Fear and hope are not compatible. Yet fear is an ongoing factor when you love a prodigal, and the possible consequences of a prodigal’s choice are real reasons to be afraid. How do you keep hoping?
This is the third post in a weekly series of mini-devotionals on HOPE, which is the theme of the 2016 June 2 Worldwide Prodigal Prayer Day. This letter goes to the members of the Prayer for Prodigals community, but it is true for all of us
Dear Lover of Prodigals,
When you love a prodigal, you live with fear.
My friend Dena Yohe, in her soon to be released book You Are Not Alone; Hope for Hurting Parents of Troubled Kids, relates when she knew she had to confront her worst fears for her prodigal. She wrote them down so she could see them, acknowledge them and face them. Here are some of the desperate fears she recorded:
“I am afraid because Renee could…
Be kidnapped and held against her will
Be abducted and sold into sex trafficking
Disappear and never be seen or heard from again
Move away and sever ties with us forever
Suffer irreversible brain damage from drug use
Die from a drug overdose
Die from alcohol poisoning
` Give up and commit suicide to end her suffering.”
Some of us haven’t come to such extreme fears, but I know you have your own list of the fears that grip your heart, destroy your trust and steal your hope. How can we hold on to hope?
Remember our theme verse for this year’s Prodigal Prayer Day: “May the God of hope fill you with all joy and peace as you trust in him, so that you may overflow with hope by the power of the Holy Spirit.” (Romans 15:13)
Yet fear overshadows our hope. What do we do with that fear?
We name our fears. We write down or say aloud what we are afraid of. That helps to take away some of the power of fear.
We allow ourselves to weep, mourn, lament the possible reality of the things we fear.
I find it helpful, after naming those fears, to offer them to the Lord, or lay them on the altar before him. I usually just lift my hands up, figuratively holding up my fears, to give them to the Lord. I have a few times written them on paper, then burned that paper, as an offering to the Lord.
Another key for me to get free from my fears is to say, “Thank You, Lord.” For the things I am afraid might happen to my loved prodigal? Yes, even for those. Thanking God is so freeing. It opens the door for God to work in me and in my prodigal.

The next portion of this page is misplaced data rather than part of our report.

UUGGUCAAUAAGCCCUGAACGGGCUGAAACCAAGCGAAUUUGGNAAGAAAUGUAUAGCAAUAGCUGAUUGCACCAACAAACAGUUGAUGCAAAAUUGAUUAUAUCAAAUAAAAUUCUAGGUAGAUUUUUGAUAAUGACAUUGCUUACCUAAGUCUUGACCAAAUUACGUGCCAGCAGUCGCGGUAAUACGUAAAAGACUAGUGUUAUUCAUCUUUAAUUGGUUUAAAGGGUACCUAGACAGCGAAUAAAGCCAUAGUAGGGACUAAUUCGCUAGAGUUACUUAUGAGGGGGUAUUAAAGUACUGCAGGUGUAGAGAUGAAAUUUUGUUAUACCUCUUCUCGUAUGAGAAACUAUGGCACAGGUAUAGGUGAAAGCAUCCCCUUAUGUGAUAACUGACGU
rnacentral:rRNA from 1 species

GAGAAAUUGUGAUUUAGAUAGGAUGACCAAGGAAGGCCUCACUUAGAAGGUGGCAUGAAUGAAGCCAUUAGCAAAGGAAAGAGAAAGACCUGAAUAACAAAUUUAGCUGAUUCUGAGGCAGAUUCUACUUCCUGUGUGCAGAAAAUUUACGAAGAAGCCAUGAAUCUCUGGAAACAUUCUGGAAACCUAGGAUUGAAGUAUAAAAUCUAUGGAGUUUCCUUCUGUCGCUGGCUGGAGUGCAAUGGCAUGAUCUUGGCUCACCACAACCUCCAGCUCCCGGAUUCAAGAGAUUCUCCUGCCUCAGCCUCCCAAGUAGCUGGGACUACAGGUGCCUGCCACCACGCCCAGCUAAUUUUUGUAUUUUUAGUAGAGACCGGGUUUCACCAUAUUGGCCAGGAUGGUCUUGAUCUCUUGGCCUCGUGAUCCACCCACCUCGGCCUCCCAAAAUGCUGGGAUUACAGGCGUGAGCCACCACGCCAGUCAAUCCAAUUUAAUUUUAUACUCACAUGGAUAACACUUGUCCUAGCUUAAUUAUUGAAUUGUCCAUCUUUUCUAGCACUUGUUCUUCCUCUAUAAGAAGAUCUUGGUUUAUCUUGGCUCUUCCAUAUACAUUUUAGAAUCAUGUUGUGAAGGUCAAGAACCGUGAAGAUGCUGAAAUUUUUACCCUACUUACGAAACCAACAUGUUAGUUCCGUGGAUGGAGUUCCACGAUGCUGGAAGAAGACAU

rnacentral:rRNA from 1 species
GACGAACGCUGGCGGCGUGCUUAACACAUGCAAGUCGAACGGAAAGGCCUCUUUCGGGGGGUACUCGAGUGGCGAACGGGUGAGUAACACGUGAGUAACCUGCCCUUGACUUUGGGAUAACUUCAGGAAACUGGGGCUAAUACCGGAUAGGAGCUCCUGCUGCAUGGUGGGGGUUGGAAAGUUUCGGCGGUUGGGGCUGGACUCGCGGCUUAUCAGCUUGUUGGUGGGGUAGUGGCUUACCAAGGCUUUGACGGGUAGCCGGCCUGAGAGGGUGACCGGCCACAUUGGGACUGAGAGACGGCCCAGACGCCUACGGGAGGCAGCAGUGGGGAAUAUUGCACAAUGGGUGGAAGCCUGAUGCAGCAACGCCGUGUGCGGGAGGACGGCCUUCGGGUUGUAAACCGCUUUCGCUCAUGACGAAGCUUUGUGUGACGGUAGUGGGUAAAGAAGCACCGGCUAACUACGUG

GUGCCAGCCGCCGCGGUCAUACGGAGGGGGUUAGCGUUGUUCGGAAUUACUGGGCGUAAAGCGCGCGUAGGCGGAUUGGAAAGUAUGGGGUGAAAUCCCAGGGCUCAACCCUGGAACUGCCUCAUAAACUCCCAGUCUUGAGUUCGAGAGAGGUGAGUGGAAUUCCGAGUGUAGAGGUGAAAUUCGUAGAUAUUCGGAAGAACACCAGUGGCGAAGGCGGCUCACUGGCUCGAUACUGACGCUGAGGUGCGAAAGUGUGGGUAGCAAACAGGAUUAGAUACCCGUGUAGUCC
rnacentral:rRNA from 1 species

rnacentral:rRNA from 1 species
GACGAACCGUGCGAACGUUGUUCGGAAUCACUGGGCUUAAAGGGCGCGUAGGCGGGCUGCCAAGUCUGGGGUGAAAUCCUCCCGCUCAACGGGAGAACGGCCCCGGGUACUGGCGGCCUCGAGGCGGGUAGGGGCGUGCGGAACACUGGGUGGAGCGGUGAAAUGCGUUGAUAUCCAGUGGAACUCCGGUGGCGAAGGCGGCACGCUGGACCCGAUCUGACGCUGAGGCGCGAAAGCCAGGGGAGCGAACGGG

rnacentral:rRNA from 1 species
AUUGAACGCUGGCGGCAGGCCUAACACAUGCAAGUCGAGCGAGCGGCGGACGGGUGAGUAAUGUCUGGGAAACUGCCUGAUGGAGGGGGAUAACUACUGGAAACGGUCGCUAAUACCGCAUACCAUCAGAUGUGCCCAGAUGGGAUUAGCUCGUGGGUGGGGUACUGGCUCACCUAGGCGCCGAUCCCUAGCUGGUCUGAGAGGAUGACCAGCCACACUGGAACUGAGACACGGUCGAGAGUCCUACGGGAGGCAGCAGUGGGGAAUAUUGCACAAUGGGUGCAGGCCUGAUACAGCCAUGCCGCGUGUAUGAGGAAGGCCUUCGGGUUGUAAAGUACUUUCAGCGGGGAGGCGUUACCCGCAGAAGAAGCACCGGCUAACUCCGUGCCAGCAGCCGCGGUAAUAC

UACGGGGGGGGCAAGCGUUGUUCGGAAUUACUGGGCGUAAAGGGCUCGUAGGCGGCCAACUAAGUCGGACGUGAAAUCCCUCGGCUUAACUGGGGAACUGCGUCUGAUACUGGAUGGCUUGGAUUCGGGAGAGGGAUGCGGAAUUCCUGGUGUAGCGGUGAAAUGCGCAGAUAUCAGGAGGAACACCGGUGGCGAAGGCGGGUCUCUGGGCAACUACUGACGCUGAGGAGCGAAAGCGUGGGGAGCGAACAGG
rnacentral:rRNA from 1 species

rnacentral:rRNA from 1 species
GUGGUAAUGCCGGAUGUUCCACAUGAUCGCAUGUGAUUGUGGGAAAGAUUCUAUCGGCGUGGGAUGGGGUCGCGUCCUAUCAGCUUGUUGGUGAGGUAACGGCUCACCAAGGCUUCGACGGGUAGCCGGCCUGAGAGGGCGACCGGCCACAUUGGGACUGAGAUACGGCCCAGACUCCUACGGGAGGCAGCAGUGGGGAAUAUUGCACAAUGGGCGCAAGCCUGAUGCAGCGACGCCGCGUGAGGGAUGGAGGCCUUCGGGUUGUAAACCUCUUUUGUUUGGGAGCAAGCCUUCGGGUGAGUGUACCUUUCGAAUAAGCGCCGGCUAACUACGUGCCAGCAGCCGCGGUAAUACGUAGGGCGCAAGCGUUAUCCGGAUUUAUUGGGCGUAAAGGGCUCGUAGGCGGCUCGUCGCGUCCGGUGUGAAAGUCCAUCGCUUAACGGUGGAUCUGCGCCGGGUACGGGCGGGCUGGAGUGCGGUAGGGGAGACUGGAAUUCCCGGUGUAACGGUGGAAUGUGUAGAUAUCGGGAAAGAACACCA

How do you have fear and hope?
Then, we can remember that Scripture contains 365 admonitions to “Fear not” or “Do not be afraid.” One for every day of the year. A week’s worth of those Scriptures, spoken to some of God’s servants who had plenty of reason to be afraid, will get us started for the next seven days.
To Abram (Abraham) when he still had no heir: “After this, the word of the Lord came to Abram in a vision: ‘Do not be afraid, Abram. I am your shield, your very great reward.’” (Genesis 15:1)
To Moses when he was confronted from a large army from Bashan: “The Lord said to Moses, ‘Do not be afraid of him, for I have delivered him into your hands, along with his whole army and his land.‘”(Numbers 21:34)
To Joshua as he assumes leadership of the children of Israel: “Have I not commanded you? Be strong and courageous. Do not be afraid; do not be discouraged, for the Lord your God will be with you wherever you go.” (Joshua 1:9)
To Elijah when he had to tell King Ahaziah that he (the king) would die: “The angel of the Lord said to Elijah, ‘Go down with him; do not be afraid of him.’ So Elijah got up and went down with him to the king.” (2 Kings 1:15)
To King Jehoshaphat when the armies of Moab and Ammon came against him: “Do not be afraid or discouraged because of this vast army. For the battle is not yours, but God’s.” (2 Chronicles 20:15)
To the disciples when Jesus came to them walking on water: “But Jesus immediately said to them: ‘Take courage! It is I. Don’t be afraid.’” (Matthew 14:27)
To the disciples shortly before the crucifixion: “Peace I leave with you; my peace I give you. I do not give to you as the world gives. Do not let your hearts be troubled and do not be afraid.” (John14:27)
Are our fears imaginary? No. They could come true in the life of a prodigal we love.
Will they return? Probably. New circumstances can trigger them. Our enemy the devil will send arrows containing those fears. We are weak and we grow weary.
So is hope real? Can it last? Will our hopes be fulfilled? Must fear and hope co-exist or can hope replace fear?
Hope placed not in our circumstances, the restoration of our prodigals, but in God Himself is real. It will last. That hope will be fulfilled.
The prophet Micah tells of his hope, even in the midst of betrayal: “For a son dishonors his father, a daughter rises up against her mother, a daughter-in-law against her mother-in-law—a man’s enemies are the members of his own household. But as for me, I watch in hope for the Lord, I wait for God my Savior; my God will hear me.” (Micah 7:6-7)
Waiting in hope,
What about you? What fear keeps you from hoping?
If you would be interested in requesting prayer for a prodigal loved one, or being a part of our wonderful praying community, respond in comments or write to me at PrayerforProdigals at gmaildotcom.
And watch for information on how you can get a copy of Dena Yohe’s wonderful book, You Are Not Alone; Hope for Hurting Parents of Troubled Kids, when it comes out.